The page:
Poster (15A113)

Vaccination uptake in patients with inflammatory arthritis in a single rheumatology department in the South East of Ireland

Author(s)

E Fitzpatrick, L Bell, S Khan, P Dreelan, B Peelo, U Martin, C Sheehy.

Department(s)/Institutions

Dept. of Rheumatology, University Hospital Waterford

Introduction

Patients with inflammatory arthritis have a higher risk of infection than the general population. The national immunisations office recommends an annual influenza vaccine1 and also at least one pneumococcal vaccine2 in all patients taking immunosuppressants. EULAR also recommend these vaccines for patients with inflammatory arthritis.3 Our aim was to establish vaccination uptake rates in different treatment groups and to determine where patients are educated about vaccines.

Aims/Background

A patient questionnaire was designed, and distributed to patients attending rheumatology OPD and day ward in October 2014. The results were pooled and analysed.

Method

A total of 71 were included for analysis. There were 31 (43.7%) males and 40 (56.3%) females; the age range was from 17 to 80 years with a mean of 55.9 years. 48 (67.6%) patients had rheumatoid arthritis, 19 (26.8%) had psoriatic arthritis, 2 (2.8%) each had ankylosing spondylitis and Still’s disease. 74.6% of patients (n=53) had an influenza vaccine in the previous 12 months.

Results

32.4% (n=23) had previously had a pneumococcal vaccine, whereas 67.7% (n=48) had never it. The majority of patients (88.7%) had previously had a varicella infection. Of the 8 that had not, only 3 were certain they had been vaccinated. There was no statistical significance in vaccination uptake between patients receiving DMARDs only compared to those receiving subcutaneous and intravenous biologic therapy. The patients were asked who advised them about vaccinations; 55% were advised by the GPs, 28% were advised by hospital healthcare professionals and a further 14% were advised by both GPs and hospital staff.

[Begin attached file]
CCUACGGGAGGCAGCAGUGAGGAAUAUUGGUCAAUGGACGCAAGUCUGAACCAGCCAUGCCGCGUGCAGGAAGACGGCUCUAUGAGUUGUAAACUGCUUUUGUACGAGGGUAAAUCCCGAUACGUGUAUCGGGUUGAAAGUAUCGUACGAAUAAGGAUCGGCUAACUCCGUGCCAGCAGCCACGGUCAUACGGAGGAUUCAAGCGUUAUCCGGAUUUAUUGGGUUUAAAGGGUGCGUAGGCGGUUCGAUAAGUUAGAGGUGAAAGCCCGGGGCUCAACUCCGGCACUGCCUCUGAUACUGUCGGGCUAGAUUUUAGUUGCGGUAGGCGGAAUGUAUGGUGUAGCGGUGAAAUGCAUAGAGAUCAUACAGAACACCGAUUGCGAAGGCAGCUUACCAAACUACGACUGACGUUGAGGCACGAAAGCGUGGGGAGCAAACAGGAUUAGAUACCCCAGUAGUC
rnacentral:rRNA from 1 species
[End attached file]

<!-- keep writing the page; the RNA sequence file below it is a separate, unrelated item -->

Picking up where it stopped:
Conclusions

We found a greater uptake of influenza vaccine than pneumococcal vaccine, this has been previously noted in the literature.4,5 This may be a reflection of the lack of a formal pneumococcal immunisation program in Ireland. Patients on anti-TNF therapy were not more likely to be vaccinated than those on DMARDs only. We propose establishing vaccination status prior to starting immunosuppressant therapy. This may page 33 involve checking varicella titres in those where previous infection is uncertain and making pneumococcal vaccination mandatory before starting biologic therapy.

References

Influenza [Internet] 1998 [updated Aug 2014; cited 2015 April 24]. Available from: http://www.hse.ie/eng/health/immunisation/hcpinfo/guidelines/c hapter11.pdf

Pneumococcal Infection [Internet] 2010 [updated June 2014; cited 2015 April 24]. Available from: http://www.hse.ie/eng/health/immunisation/hcpinfo/guidelines/c hapter16.pdf

van Assen S et al. EULAR recommendations for vaccination in adults with autoimmune inflammatory rheumatic diseases. Ann Rheum Dis 2010.137

Sowden E, Mitchell WM. An audit of influenza and pneumococcal vaccination in rheumatology outpatients. BMC Musculoskeletal Disorders 2007, 8:5.

McCarthy E, de Barra E ,Bergin C, Cunnane G, Doran M. Influenza and Pneumococcal Vaccination and Varicella Status in Inflammatory Arthritis Patients. Ir Med J. 2011 Jul- Aug;104(7):208-11